Thanks to a few semesters in college debate classes, real world debates with students at other colleges, and a multilingual father who loved a the occasional verbal fight, I’m not afraid of a good argument and such conflicts are threaded into much of society in the 21st century.
Unfortunately, I remain convinced that such privilege to voice perspectives and opinions is why we have a growing trust deficit among the very information makers who should and need to be trust but are not.
Yes, we know fake news is everywhere, but your neighbor’s definition of what constitutes such pablum may differ from your notion. What constitutes such beliefs? Low. Critical. Thinking.
Analytic thinking was associated with more accurate spotting of fake and real news independent of respondents’ political ideology. This would suggest that building critical thinking skills could be an effective instrument against fake news.
So, why is there growing distrust of media among humanity? See if you can spot it in headlines. Gordon Kelly:
Apple ‘Confirms’ iPhones Have A Serious Problem
The headline implies that all iPhones have a serious problem. The reality is that a very small number of iPhones have any problem, serious or otherwise. That’s a sample of a fake news, link-bait headline from a major online publisher with low standards. Forbes is a must to avoid because the magazine engages regularly in such drivel. Ewan Pence:
Poor iPhone Sales Forcing Apple Into More Dangerous Decisions
Uh oh. iPhone sales are poor? Not according to facts.
Only according to a pre-determined narrative that helps to attract more readers to an article that is not news; as to Apple’s dangerous decisions, that’s nothing more than an opinion. Nothing more, nothing less.
In the past few weeks the interwebs has been full of comparisons; iPad Pro vs. Mac, or iPad Pro vs. PCs, or iPad Pro vs. a real computer. These are little more than false equivalencies and ridiculous arguments sans insightful analysis.
Then, there’s Ross Rubin:
As Laptop Replacements, The iPad Pro And Surface Pro Are Worlds Apart
Indeed. One is a tablet that can perform some notebook chores, while the other is a notebook with a touchscreen than can double as an anemic tablet. They are not the same so why compare them as if they are?
Last year, though, the tablet designed to take on a laptop got a proper laptop sibling of its own. The Surface Laptop is a more conventional notebook, and an even more direct competitor to the MacBook Air. That includes a non-removable keyboard.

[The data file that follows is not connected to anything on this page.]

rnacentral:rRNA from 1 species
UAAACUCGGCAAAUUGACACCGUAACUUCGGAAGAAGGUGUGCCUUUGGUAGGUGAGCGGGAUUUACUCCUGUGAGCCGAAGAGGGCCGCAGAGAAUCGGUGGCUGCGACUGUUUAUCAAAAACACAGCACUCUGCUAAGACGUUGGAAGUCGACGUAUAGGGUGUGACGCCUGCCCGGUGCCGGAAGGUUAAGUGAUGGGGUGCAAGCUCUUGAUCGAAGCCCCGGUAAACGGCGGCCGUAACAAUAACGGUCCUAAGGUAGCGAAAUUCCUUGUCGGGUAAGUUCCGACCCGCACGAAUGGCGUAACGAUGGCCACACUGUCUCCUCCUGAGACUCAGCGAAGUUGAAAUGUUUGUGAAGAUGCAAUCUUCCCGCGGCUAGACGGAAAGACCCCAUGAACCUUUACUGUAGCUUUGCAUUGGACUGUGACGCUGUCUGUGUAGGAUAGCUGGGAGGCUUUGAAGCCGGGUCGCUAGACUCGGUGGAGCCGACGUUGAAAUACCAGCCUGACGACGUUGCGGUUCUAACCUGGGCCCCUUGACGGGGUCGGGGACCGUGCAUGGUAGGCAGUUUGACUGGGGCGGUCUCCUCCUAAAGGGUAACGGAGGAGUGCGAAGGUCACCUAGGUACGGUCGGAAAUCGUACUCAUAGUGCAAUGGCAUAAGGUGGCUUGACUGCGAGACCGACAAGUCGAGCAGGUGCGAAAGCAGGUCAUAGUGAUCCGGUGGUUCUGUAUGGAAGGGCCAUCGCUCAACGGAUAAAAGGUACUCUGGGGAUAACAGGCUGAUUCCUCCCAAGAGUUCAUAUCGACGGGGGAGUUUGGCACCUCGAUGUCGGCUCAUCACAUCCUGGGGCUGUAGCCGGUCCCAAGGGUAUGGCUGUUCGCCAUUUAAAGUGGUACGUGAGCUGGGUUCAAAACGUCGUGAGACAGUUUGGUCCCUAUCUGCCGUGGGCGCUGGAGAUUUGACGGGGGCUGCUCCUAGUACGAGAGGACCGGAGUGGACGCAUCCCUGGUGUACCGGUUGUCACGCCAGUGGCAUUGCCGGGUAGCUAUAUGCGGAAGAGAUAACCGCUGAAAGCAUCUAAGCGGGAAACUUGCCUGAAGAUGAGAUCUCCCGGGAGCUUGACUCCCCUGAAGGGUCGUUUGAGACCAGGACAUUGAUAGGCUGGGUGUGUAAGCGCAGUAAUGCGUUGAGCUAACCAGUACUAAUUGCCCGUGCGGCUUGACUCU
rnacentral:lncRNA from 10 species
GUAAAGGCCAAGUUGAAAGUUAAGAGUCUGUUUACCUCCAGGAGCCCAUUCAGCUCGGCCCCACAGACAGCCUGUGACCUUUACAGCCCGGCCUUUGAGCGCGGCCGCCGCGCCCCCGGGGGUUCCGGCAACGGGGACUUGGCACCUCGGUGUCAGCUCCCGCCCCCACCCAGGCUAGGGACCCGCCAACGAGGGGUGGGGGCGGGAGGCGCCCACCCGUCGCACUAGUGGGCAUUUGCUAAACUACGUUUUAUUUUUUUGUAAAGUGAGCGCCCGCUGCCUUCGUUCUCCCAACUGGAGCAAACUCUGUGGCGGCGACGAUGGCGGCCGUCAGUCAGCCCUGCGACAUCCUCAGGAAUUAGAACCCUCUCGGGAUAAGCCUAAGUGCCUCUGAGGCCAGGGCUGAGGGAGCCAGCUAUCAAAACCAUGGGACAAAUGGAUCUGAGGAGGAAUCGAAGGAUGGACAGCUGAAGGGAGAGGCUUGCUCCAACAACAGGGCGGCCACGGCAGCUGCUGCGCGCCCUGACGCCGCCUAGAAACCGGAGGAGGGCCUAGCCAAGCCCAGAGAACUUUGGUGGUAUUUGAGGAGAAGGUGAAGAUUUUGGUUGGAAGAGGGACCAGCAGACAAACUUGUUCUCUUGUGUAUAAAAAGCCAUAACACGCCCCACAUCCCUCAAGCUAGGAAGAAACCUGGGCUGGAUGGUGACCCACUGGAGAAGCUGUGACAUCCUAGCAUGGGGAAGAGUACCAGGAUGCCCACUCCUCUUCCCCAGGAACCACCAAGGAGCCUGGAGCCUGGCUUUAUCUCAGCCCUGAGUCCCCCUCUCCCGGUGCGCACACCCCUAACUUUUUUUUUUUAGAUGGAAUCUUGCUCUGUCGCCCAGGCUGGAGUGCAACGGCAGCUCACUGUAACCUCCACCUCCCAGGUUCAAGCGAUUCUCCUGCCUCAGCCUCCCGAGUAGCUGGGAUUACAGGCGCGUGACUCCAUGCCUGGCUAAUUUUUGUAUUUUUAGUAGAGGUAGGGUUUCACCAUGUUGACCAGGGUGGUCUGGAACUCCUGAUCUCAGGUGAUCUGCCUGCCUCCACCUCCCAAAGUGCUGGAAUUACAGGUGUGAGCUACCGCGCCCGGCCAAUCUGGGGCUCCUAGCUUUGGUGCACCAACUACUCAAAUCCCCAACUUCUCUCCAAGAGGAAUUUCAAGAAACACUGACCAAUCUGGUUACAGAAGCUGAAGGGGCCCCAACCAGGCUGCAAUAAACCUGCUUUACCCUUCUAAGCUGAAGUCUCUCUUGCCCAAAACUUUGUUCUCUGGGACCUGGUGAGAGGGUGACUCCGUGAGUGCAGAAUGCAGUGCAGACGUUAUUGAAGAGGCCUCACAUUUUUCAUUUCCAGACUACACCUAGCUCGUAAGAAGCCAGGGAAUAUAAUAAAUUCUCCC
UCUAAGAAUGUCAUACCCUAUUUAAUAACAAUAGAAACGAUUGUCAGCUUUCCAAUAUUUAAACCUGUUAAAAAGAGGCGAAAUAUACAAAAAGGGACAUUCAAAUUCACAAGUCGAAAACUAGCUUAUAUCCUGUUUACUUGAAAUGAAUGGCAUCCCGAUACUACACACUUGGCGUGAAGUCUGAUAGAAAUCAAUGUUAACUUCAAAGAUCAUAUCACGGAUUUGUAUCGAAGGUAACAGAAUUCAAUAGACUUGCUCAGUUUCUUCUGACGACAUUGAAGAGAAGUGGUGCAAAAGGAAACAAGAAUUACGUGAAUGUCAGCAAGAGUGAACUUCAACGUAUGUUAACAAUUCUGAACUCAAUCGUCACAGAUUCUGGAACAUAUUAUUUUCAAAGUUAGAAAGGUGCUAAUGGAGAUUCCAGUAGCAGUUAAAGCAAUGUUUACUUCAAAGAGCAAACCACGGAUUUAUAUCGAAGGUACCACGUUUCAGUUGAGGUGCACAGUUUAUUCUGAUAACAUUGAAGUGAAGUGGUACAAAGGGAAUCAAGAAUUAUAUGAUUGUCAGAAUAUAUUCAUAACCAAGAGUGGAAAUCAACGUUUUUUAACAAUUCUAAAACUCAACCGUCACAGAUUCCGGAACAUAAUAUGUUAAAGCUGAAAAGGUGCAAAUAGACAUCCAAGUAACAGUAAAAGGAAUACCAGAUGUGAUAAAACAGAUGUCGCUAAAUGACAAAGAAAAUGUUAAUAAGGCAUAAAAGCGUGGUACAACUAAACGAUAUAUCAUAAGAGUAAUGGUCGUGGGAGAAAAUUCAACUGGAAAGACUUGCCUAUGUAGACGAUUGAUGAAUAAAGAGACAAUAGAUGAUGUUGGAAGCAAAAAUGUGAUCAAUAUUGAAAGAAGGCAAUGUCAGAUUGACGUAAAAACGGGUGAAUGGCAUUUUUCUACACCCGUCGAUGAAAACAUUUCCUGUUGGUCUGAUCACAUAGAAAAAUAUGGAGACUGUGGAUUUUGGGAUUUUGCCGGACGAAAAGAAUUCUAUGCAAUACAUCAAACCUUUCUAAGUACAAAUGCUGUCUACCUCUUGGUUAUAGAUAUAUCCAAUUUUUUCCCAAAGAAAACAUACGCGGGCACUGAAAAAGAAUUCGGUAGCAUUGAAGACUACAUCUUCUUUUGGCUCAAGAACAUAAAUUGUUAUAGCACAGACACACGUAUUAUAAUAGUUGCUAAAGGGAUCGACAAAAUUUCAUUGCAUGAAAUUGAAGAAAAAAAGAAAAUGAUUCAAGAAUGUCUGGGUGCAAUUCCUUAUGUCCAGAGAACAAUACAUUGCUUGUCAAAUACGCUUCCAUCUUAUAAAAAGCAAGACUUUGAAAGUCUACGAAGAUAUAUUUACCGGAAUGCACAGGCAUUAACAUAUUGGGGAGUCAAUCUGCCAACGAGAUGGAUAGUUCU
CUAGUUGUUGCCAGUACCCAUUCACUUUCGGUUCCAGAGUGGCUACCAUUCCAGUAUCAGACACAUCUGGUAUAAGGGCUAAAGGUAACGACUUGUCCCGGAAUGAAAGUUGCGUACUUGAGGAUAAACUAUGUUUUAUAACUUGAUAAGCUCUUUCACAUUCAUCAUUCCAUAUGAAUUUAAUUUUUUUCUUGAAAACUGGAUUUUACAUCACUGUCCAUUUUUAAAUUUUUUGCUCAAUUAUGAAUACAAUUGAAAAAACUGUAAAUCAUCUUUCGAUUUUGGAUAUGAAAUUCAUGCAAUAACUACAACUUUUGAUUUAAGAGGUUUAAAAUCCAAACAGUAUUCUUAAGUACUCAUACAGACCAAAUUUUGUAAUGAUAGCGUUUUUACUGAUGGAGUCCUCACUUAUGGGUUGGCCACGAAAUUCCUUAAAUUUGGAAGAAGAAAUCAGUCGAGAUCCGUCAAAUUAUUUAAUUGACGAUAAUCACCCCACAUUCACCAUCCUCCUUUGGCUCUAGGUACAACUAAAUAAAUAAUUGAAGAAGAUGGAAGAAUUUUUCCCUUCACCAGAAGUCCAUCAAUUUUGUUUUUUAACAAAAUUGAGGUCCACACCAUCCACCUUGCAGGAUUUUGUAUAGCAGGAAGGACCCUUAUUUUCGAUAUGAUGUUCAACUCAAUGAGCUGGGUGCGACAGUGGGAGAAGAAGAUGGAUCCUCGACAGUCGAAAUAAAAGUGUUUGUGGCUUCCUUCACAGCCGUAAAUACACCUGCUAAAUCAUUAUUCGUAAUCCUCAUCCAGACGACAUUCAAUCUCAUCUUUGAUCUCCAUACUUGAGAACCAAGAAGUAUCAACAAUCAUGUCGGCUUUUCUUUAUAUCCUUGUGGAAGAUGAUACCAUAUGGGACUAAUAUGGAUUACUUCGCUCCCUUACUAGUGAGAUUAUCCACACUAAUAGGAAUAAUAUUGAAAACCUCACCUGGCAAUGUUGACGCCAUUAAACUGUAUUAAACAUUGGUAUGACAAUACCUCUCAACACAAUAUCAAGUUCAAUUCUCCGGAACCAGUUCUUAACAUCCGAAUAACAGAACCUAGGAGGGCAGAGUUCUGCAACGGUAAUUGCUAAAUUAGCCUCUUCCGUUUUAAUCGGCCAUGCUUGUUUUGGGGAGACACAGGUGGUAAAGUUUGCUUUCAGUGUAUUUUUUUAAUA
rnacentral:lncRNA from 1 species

Now, let’s consider that for a moment. Only a moment.
Someone is calling Surface Laptop what it is. A laptop. Or, perhaps more accurately, a notebook. Apple doesn’t make laptops. It makes notebooks. Surface devices, with or without a keyboard, detachable or not, are PCs which can perform some tablet-like functions– finger navigation and various tools on touchscreen– but do not compare well to tablet functionality on Apple’s iPad line.
If the foundational idea of the Surface was the convergence of tablet and PC, Apple is playing up the idea of the iPad Pro as the benchmark for tablets when used alone, but an increasingly versatile device as accessories are added. It’s now clearer than ever that the iPad Pro has replaced the MacBook Air as the Surface’s main competitor, the iPad having grown up from a smartphone operating system and the MacBook remaining behind the established strengths of Windows.
Bingo. Astute and insightful analysis lives! It lives!
But detach the keyboard and its tablet experience falls flat. It’s apparent that Microsoft is paying the price for its botched attempt to attract touch apps with Windows 8 and the lack of a smartphone base from which to groom such apps. Despite retaining a tablet mode in Windows 10, Windows tablets aren’t great for many tablet apps beyond reading PDFs and watching videos.
There you go.
Someone used proper journalistic discipline to overcome the urge to create a ridiculous argument to compare Apple to apples for the sake of link bait, and, instead pointed out the obvious. One of these two devices is not the same and that makes both of them different.
For the iPad Pro, the challenge is reversed. It has years of strong developer support for the iPad as a slate but is still working to raise developer consciousness to add such PC staples as keyboard shortcuts… why saddle the PC of the future, which will surely take on new kinds of applications, with the paradigms of the past? Apple’s purist approach leaves open the possibility that a new class of apps at the intersection of advanced processing and touch could materialize.
Both iPad and Surface devices are personal computers, but they differ in notable ways; just as a fully tricked out 6-core 8th generation Intel Inside with 32GB RAM, a massive 4GB of GPU RAM, and 4TB of SSD storage– for a whopping $7,049– differs from an $1,199 MacBook Air. They are not the same devices and they serve different purposes.
Ross Rubin at FastCompany understands that. The fake news shills at Forbes magazine do not. Trust is loss when journalistic integrity is removed and replaced by misleading headlines and uninspired analysis. Is it any wonder that so much of 21st century media cannot be trusted?